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Yogaśāstra ("Yoga treatise") is a Sanskrit work on Yoga, Jain philosophy and practice by the Jain Svetambara philosopher Hemachandra (floruit 12th century). It is a systematic exposition of Jain doctrine using the canonical scriptures (sruta) and tradition (sampradaya), as well as influenced by the Jain scholastic tradition of thinkers like Umasvati and Haribhadra.[1]

The Yogaśāstra also shows influence from Hindu Yoga, Shaiva Tantra, and Buddhist meditation.[2] Hemachandra also wrote a voluminous auto-commentary, the Svopajnavrtti, which together with the Yogasastra is "the most comprehensive treatise on Svetambara Jainism known to us".[3] This work was instrumental in the survival and growth of Jainism as well as the spread of Jainism overseas as it has served as a handbook for Jains in Africa, England and North America.[4] The text was highly influential in its incorporation of Tantra into Jain practice.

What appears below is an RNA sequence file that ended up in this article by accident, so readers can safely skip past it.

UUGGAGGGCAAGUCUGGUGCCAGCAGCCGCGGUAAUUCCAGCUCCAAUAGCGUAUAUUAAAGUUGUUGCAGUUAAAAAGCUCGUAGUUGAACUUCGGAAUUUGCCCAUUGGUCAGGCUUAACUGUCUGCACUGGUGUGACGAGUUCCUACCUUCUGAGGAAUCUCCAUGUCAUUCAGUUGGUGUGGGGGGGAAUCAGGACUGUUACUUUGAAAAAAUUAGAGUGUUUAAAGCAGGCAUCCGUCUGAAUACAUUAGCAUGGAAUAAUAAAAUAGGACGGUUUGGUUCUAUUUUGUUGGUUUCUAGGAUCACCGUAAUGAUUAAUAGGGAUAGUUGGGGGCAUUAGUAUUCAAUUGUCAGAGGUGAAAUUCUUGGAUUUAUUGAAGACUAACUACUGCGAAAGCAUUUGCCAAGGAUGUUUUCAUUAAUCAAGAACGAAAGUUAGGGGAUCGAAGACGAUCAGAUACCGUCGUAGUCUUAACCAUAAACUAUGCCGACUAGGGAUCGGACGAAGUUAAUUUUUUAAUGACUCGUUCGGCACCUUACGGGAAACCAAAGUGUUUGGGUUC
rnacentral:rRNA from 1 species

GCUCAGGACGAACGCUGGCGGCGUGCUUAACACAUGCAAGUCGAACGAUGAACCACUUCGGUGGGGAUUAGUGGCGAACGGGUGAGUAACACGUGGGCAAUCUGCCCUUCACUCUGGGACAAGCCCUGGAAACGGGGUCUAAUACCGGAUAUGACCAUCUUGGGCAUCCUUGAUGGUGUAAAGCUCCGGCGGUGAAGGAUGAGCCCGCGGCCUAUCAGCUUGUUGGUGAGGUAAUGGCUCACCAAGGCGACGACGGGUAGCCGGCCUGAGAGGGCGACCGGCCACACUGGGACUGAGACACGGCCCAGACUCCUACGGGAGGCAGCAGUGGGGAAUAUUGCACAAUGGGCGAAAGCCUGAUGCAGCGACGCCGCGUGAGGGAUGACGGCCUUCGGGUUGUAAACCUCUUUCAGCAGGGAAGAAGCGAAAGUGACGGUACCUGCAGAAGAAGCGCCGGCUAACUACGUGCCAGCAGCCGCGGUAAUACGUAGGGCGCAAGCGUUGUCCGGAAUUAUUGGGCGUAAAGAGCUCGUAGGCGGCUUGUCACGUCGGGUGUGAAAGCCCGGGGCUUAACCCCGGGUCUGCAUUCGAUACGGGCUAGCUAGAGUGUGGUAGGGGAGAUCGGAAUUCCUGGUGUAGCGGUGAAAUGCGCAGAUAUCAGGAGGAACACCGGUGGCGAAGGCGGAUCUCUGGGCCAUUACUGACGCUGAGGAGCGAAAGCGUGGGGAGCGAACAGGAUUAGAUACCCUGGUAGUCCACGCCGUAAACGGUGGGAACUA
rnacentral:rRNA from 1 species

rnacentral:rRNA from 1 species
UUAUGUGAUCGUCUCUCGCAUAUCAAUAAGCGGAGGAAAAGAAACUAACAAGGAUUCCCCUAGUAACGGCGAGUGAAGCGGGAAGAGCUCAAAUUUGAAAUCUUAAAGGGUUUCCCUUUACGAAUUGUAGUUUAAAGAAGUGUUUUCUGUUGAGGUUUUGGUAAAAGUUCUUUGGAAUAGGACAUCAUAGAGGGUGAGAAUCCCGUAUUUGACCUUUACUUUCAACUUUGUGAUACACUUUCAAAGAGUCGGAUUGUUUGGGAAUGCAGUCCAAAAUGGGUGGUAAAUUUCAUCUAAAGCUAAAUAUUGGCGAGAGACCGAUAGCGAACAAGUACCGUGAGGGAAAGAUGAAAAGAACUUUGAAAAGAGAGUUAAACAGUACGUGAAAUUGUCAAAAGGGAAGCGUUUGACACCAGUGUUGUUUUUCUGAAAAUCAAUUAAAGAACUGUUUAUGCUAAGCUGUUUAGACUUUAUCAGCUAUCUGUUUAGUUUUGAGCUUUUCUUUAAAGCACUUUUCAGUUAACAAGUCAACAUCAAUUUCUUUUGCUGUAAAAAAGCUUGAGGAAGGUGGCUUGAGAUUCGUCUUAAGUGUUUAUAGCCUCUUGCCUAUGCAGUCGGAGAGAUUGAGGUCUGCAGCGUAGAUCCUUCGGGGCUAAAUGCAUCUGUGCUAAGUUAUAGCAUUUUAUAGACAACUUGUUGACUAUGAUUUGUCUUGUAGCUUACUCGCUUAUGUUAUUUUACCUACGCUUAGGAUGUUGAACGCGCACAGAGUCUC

The first three chapters are on the Jain "three jewels", the Ratnatraya. The text also outlines various forms of Jain yoga in an eightfold scheme similar to Patanjali, as well as Jain ethics and philosophy. Hemachandra discusses topics such as pranayama, asana, nadis, divination, dhyana and forms of Jain tantric meditation.[5]

The śāstra along with its auto-commentary was translated into English by Olle Quarnström in 2002.

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NotesEdit

  1. ^ Olle Quarnström, The Yogasastra of Hemacandra : a twelfth century handbook of Svetambara Jainism, 2002, introduction
  2. ^ Chapple, Christopher (editor); Yoga in Jainism, page 22.
  3. ^ Olle Quarnström, The Yogasastra of Hemacandra : a twelfth century handbook of Svetambara Jainism, 2002, introduction
  4. ^ Olle Quarnström, The Yogasastra of Hemacandra : a twelfth century handbook of Svetambara Jainism, 2002, introduction
  5. ^ Chapple, Christopher (editor); Yoga in Jainism, page 22.